Walking Molecules Pick Up Cargo
An organic molecule moves in a straight line and can pick up and transport up to two carbon dioxides from one point to another.
Researchers have created a tiny machine made of just one molecule that can carry other molecules on a surface. The technique can be used to move atoms or molecules close to each other, controlling when they react. The new “molecule carrier,” described online last week in Science Express, could eventually lead to more-efficient catalysts and new methods for assembling molecular electronics.
The researchers, led by Ludwig Bartels, a chemistry professor at the University of California, Riverside, use a molecule called anthraquinone, an organic compound containing a chain of three benzene rings, with two oxygen atoms attached to the central ring, one on each side. When the researchers place anthraquinone molecules on a flat copper surface at temperatures of around -223 ºC, the molecules move in a straight line. Carbon dioxide molecules, on the other hand, move randomly. But if the two molecules come close to each other, carbon dioxide attaches to the anthraquinone’s oxygen atom.
Because each anthraquinone molecule has two oxygen atoms, it can effectively pick up two carbon dioxides and move with them, Bartels says. The researchers can manipulate the molecules with the tip of a scanning tunneling microscope probe. They can, for example, slide carbon dioxide closer to the anthraquinone to load, and they can unload the carbon dioxide by “bumping the tip into the carbon dioxide molecule,” Bartels says.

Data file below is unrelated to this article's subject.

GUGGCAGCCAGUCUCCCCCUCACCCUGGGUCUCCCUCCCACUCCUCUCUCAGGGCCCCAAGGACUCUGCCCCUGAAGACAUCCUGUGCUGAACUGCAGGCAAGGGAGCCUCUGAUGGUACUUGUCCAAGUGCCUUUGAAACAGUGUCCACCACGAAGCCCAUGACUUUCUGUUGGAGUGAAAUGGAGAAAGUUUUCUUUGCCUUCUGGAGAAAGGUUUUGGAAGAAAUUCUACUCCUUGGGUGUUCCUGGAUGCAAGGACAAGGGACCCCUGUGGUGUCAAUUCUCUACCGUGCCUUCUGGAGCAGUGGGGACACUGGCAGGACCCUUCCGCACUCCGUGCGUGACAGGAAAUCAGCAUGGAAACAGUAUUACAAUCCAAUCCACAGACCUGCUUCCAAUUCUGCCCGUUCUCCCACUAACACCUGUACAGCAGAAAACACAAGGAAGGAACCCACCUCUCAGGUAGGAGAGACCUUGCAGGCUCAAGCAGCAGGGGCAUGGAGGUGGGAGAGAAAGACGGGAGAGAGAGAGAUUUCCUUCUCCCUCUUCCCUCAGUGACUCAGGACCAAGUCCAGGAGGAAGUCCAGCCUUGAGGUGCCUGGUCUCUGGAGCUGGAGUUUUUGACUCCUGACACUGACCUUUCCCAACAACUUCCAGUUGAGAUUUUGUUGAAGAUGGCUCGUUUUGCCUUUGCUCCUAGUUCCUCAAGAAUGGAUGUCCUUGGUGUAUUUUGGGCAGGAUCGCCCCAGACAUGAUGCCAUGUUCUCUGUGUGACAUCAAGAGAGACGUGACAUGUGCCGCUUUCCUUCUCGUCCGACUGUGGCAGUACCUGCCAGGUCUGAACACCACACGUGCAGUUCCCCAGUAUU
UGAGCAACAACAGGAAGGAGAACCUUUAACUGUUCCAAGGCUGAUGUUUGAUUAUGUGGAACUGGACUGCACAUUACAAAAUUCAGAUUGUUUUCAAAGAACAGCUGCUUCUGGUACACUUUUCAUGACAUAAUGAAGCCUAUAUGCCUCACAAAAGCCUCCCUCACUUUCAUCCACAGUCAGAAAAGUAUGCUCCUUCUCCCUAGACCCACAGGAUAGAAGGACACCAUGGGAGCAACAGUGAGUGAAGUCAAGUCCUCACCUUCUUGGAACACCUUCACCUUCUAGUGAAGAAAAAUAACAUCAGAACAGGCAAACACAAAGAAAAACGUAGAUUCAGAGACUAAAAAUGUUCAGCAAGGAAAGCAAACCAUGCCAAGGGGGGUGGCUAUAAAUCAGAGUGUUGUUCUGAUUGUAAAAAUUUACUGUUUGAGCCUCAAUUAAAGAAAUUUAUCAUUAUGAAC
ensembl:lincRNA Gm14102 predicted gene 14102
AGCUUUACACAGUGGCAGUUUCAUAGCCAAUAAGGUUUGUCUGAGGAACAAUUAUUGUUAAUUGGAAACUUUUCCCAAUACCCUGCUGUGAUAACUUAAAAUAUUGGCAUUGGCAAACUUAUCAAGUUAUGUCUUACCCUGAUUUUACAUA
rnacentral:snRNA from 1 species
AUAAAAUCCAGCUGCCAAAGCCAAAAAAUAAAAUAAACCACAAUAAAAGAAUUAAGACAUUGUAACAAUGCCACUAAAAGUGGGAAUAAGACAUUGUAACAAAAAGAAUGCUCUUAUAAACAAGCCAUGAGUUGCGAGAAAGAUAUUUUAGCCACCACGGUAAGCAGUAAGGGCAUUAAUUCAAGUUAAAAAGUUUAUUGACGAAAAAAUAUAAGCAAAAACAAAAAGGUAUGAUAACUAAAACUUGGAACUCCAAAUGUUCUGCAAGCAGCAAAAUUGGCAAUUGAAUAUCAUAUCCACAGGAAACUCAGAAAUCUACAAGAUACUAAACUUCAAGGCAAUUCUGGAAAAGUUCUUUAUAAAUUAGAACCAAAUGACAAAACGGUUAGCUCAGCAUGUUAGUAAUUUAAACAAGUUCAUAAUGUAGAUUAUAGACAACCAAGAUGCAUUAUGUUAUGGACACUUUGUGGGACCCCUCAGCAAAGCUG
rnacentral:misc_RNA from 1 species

“I think [this is] a really elegant study and very key to understanding transport at a molecular scale,” says Kevin Kelly, an assistant professor of electrical and computer engineering at Rice University. The study lays down the groundwork for designing new molecules that can efficiently transport cargo molecules, says Kelly, who previously demonstrated controlled molecular motion using “nanocars.” Kelly says that work in this area could have “real technological implications in the next three to five years” in terms of developing catalysts.
An automobile’s catalytic converter, for example, uses platinum as a catalyst: carbon monoxide and oxygen attach to the platinum surface and react when they get close to each other. But moving the two closer with the help of another molecule would speed up the process and use less of the expensive platinum, says Talat Rahman, a physics professor at the University of Central Florida and coauthor of the Science paper. “We can wait for [carbon monoxide and oxygen] to jiggle around on the surface, somehow break the bond with the surface, and find each other,” she says. “Or we could find something that can carry them from one place to another.”
Experts say the work could also have implications for building molecular electronics, a fledging research area in which organic molecules, rather than silicon, serve as transistors and other electronic devices. Paul Weiss, a chemistry and physics professor at Penn State University, says that the researchers have made a significant breakthrough toward self-assembled molecular circuits.
To move along the copper surface, anthraquinone has to overcome a small energy barrier. The researchers have found that this barrier doubles and triples, respectively, when the anthraquinone picks up one and then a second carbon dioxide molecule. Before now, no one has measured energy changes as molecules assemble and disassemble, Weiss says. By understanding how the energy barrier changes, we can learn how to control it, which would be crucial for assembling molecular circuits, he says. “That is the beauty of the work.”